Last week I wrote in this column that Reserve Bank of Australia governor Philip Lowe was not taken to giving boring speeches. This week, US Federal Reserve chair Janet Yellen went him one better with her remarks to the British Academy.
Yellen said of the prospect of another financial crisis like that of 2008:
“I do think we’re much safer, and I hope that it will not be in our lifetimes, and I don’t think it will be.”
Her rationale was that the regulatory changes put in place since the crisis have made the system a great deal safer.
Yellen expressed her hope that these regulations would not be overturned, saying of attempts to do so:
“We’re now about a decade after the crisis and memories do tend to fade, so I hope that won’t be the case, and I hope those of us who went through it will remind the public that it’s very important to have a safer, sounder financial system and that this is central to sustainable growth.”
One piece of evidence supporting Yellen’s view were the so-called stress tests that the Federal Reserve has performed on US banks since 2011.
As game theory – and the lessons of the classic depression-era bank runs – teach us, it all comes down to what people believe about what other people believe
Just hours before this writing, the Fed approved plans for proposed dividend payouts for all 34 firms taking part in their annual stress tests. This is the first time since the annual stress tests began that all participating firms got a passing grade from the Fed.
So what should we make of Yellen’s prediction? This doesn’t have the ring of ‘confidence-boosting’ rhetoric. It seems as though this is her genuine view.
At this point I should make two things clear. One: I have enormous respect for Yellen, and two: I was fairly surprised by her remarks. So how does one reconcile these?
It’s important to understand that the proximate cause of the financial crisis was a kind of ‘bank run on the system’. In a classic bank run – such as the ones of the Great Depression – depositors go from believing that other depositors think their banks are safe, and are therefore willing to leave their money there, to believing that others consider the banks unsound.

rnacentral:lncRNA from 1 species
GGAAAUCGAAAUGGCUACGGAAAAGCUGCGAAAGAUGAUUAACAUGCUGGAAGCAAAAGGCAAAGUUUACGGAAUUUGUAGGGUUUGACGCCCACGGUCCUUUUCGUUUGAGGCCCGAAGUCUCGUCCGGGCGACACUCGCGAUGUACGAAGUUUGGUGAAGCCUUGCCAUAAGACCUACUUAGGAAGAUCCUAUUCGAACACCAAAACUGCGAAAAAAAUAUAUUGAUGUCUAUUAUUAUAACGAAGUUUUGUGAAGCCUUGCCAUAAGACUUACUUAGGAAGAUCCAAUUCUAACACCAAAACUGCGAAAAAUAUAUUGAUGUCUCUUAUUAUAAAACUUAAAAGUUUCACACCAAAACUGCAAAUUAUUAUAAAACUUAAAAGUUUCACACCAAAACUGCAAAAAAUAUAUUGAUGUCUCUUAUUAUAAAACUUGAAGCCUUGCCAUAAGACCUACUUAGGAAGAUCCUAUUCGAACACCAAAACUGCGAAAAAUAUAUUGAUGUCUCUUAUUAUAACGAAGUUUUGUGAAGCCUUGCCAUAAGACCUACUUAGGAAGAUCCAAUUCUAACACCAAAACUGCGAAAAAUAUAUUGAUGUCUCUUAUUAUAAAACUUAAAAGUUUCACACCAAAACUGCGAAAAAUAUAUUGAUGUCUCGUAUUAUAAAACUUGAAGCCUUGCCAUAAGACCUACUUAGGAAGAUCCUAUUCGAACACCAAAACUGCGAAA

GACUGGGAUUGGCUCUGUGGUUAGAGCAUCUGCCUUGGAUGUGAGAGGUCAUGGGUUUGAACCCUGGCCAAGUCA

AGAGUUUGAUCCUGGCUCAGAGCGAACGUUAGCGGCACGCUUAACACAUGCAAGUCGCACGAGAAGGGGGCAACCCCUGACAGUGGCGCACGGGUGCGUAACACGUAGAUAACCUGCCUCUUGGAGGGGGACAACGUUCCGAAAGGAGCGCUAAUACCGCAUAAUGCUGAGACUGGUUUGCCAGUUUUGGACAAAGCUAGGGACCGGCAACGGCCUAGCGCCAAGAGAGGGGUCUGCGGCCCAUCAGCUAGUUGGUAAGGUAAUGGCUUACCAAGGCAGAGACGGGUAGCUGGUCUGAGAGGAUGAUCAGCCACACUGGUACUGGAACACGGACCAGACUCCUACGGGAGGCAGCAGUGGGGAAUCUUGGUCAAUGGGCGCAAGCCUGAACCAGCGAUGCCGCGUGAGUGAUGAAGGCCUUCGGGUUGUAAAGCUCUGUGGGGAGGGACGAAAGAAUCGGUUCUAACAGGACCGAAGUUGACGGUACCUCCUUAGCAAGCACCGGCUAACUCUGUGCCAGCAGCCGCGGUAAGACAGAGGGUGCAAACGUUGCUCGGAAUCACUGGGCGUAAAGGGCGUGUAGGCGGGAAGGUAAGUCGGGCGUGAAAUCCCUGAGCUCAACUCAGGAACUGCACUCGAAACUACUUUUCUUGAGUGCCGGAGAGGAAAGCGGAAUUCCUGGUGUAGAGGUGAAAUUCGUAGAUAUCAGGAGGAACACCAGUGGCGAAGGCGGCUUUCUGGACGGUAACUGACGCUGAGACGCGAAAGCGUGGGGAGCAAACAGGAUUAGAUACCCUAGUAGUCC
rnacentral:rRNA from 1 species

Once investors believe that other investors are going to run on the bank, they want to run too (because banks typically hold less than 10% of the cash required to pay back all depositors). In the language of game theory, there is a switch from the ‘good equilibrium’ to the ‘bad equilibrium’.
In the financial crisis there wasn’t a run on traditional banks so much as on investment banks and other financial institutions. This led to credit markets drying up (such as the commercial debt and ‘repo’ markets).
What caused this shift in beliefs is a hotly debated issue. The large increase in US house prices and imprudent lending by US mortgage originators played an important role. The use of collateralised debt obligations (CDOs) and synthetic versions of CDOs were important. Lack of regulator controls allowed these things to happen, and incentives within financial institutions facilitated and encouraged risk and bad behaviour.
Yet for quite a long time the ‘good equilibrium’ prevailed. What caused the switch?
That is the big question, and I’m pretty confident that not even Yellen knows the answer.
What Yellen does seem to be saying is that regulatory responses to the crisis have made it much less likely that bad behaviour is going to occur. That certainly seems plausible. And if there is no – or very little – bad behaviour, then beliefs about what others believe may not be particularly important.
But if there is a view that some new form of moral hazard is taking place, and people lose faith in the regulatory regime, then perhaps 2008 could occur again. And soon.
As game theory – and the lessons of the classic depression-era bank runs – teach us, it all comes down to what people believe about what other people believe.
That seems like a pretty slippery object to me.
Richard Holden is a professor of economics at UNSW Business School. A version of this post appeared on The Conversation where Vital Signs is his weekly economic wrap.